My review of A Portrait of Love and Honor:

I have now completed Susan G. Weidener’s trilogy: two memoirs, Again in a Heartbeat, a memoir of love, loss and dating again, Morning at Wellington Square, and her latest work of fiction combined with memoir, A Portrait of Love and Honor: A Novel Based on A True Story. I strongly recommend all three.

That Susan combined fiction and memoir in her third book is absolutely brilliant. She fulfilled this reader’s need to know her late husband’s story in his own words. And that she had his memoir to draw from was such a gift. How many of us would love to have the writings of the people we have loved and lost?

While reading A Portrait of Love and Honor I couldn’t help wonder if the fictionalized love story was the true story of Weidener’s romance and marriage to a man who struggled through his West Point Academy education and of how their love and marriage overshadowed the colorectal cancer that later took his life.

Weidener is a wonderful writer. Her writing flows naturally and simply while not leaving out the necessary details important to her character’s lives. She started out as a journalist working for the Philadelphia Inquirer. That job unfortunately ended after her husband’s death, leaving her an unemployed single mom with two growing sons. She now works as a memoirist and novelist besides leading writing workshops, facilitating writing retreats, and editing other authors’ books. In fact that’s how I thought she met her husband, that he was looking for an editor to help him with his memoir. However, Susan set me straight. That was the fictionalized version of how they met, and the makings of a wonderful fairy tale.

However, whether fact or fiction, reality has a way ruining the road to happily ever after. Fortunately for Susan G. Weidener, she is happily writing wonderful books that we all need to read.


Thanks for being here, Susan. I wish you and all your books huge success. And I can’t wait to meet you in person someday. 








  1. Hi Marilyn, Thank you for the forum to talk about memoir and the power of healing. I feel blessed and honored to have your support as we both know what it means to share the story of love and loss. Just one minor correction to your review, however . .. my husband wasn’t looking for an editor when I met him. That was a fictional device in A Portrait of Love and Honor . . . that Jay seeks out successful author and editor, Ava Stuart to edit his memoir. In “real life” . . . years later . . . John and I had been married close to 14 years. By then, he had been diagnosed with terminal cancer. John then wrote his memoir. He always referred to me as his first editor. As it rurned out, I would also be his last. Thus, the semi-autobiographical part of the novel . Best wishes and with gratitude . . . Susan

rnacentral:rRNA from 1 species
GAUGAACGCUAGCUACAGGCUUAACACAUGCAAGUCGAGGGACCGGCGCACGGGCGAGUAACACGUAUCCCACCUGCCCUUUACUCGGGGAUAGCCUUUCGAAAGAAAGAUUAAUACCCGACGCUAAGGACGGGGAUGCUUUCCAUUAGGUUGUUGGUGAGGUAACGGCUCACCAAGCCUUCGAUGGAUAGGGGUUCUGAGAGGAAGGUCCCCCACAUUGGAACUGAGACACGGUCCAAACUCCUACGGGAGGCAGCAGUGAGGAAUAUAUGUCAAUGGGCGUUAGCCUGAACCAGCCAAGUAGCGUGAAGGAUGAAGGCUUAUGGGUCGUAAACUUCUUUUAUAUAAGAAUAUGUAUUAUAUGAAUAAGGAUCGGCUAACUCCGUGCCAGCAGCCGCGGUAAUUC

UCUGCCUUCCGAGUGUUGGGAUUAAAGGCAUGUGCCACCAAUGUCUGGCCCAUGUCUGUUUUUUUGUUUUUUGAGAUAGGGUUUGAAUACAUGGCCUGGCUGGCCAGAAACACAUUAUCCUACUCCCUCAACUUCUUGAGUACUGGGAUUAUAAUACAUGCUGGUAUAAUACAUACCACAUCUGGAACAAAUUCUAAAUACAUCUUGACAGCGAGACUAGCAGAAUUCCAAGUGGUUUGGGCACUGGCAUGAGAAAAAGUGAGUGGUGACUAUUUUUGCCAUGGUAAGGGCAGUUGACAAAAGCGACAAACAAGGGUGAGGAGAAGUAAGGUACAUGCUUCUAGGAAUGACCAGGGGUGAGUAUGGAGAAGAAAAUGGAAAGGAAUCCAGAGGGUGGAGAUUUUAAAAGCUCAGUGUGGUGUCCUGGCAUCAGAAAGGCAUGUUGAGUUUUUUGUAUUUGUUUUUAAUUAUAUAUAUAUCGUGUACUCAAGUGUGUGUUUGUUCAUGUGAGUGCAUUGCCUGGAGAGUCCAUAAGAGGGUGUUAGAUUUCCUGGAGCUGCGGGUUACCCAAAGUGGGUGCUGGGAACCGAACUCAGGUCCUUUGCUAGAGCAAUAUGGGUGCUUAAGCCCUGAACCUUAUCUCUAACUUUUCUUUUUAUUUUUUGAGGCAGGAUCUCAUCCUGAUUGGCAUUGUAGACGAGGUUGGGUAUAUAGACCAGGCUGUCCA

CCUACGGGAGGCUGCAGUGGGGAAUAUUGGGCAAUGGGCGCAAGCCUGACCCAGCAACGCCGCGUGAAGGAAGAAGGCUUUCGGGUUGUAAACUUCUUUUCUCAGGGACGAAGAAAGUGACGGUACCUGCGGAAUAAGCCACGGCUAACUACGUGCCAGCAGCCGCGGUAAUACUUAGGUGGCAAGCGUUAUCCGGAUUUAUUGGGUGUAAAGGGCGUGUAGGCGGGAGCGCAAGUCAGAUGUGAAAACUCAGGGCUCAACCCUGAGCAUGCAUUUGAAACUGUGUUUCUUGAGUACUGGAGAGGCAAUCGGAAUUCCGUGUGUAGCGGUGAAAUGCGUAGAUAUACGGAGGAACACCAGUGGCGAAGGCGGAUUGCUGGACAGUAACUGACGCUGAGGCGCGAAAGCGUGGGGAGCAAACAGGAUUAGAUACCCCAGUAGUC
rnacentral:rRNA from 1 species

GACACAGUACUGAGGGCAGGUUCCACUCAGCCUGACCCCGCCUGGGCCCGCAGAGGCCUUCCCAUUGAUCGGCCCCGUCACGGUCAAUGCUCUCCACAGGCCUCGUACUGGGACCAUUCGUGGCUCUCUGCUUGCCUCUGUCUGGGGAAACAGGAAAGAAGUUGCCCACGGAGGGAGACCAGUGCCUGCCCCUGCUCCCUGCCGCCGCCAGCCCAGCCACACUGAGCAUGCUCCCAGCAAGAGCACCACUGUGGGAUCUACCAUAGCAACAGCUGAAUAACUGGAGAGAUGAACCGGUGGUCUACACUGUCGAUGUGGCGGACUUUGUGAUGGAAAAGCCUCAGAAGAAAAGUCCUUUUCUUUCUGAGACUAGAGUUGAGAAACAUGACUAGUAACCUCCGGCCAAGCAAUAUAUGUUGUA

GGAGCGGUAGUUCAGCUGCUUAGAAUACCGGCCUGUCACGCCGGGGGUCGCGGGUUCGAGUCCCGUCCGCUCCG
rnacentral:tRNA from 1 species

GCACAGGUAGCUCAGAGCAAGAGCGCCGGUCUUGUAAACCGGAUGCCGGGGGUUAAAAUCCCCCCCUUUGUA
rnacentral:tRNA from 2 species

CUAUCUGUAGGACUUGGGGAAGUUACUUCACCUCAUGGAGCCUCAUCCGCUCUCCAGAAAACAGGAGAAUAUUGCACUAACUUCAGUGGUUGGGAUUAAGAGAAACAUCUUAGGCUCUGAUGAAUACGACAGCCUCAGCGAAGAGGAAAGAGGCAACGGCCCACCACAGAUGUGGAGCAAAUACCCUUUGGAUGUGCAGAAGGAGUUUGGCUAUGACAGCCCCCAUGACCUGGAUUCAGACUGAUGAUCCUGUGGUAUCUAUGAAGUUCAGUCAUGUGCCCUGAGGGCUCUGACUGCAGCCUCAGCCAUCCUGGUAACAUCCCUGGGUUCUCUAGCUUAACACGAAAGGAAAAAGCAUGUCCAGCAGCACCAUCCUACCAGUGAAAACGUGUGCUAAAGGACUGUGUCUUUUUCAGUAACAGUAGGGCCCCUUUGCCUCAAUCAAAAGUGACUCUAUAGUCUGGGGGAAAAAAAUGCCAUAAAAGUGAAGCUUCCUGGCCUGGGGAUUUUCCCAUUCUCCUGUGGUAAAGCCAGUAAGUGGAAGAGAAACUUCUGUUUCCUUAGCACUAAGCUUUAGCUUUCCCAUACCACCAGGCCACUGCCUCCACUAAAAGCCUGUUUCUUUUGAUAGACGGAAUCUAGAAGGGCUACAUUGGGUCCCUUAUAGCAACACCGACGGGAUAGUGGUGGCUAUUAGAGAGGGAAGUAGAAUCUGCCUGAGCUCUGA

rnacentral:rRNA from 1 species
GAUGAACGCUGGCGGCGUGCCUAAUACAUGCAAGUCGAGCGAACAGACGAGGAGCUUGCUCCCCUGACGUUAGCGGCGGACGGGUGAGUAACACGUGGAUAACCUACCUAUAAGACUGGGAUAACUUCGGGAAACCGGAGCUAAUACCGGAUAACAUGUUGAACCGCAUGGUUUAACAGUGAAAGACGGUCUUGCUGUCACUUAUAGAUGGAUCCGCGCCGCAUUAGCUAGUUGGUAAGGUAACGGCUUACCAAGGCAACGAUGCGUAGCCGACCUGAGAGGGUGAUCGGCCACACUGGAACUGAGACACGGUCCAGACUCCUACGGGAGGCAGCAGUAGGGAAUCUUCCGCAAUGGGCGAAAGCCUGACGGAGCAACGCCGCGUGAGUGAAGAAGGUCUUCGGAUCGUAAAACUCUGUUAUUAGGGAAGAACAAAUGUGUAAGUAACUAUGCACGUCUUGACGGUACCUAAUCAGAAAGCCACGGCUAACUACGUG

• Madeline Sharples says:

      Susan, Thanks for the clarification. I got so caught up in the story I mixed up the fiction and the truth – shows what a good job you did.
      Best, Madeline

    • Thank you, no worries. And I apologize. I meant to write Madeline. It was a long day yesterday! Mid-August is a lovely time of the year here in Pennsylvania and I spend too much time daydreaming.

  2. And, yes, I would love to meet you in person too!

  3. Dear Madeline and Susan, Two wonderful writers and friends whom I admire for sharing your stories of overcoming deep loss so beautifully. Susan, my favorite line is ” By looking back , we move forward”.. through the tears to greater awareness of lessons learned and newfound strengths. What a lovely review of A Portrait of Love and Honor, Madeline. Both of you have turned your stories of loss into something beautiful.

    • Madeline Sharples says:

      Thank you Kathy. I love that line too. Holding my memories dear keeps me going. One of these days I’m going to meet you in person too – maybe both of you together. xo

  4. Susan, I too have been widowed (widowered?) by the loss of my spouse of 31 years. It took me several years before I could write (more) easily about her and our lives together. But, the time came eventually when I could put our lives on paper.

    • Denis, I know what you mean . . . the time to write about losing the love of your life (or any great loss) comes only when it feels right.; for me, the loss of my career and “launching” my sons opened up the time and space 13 years after John’s death to begin my memoir. Thank you for sharing your own journey.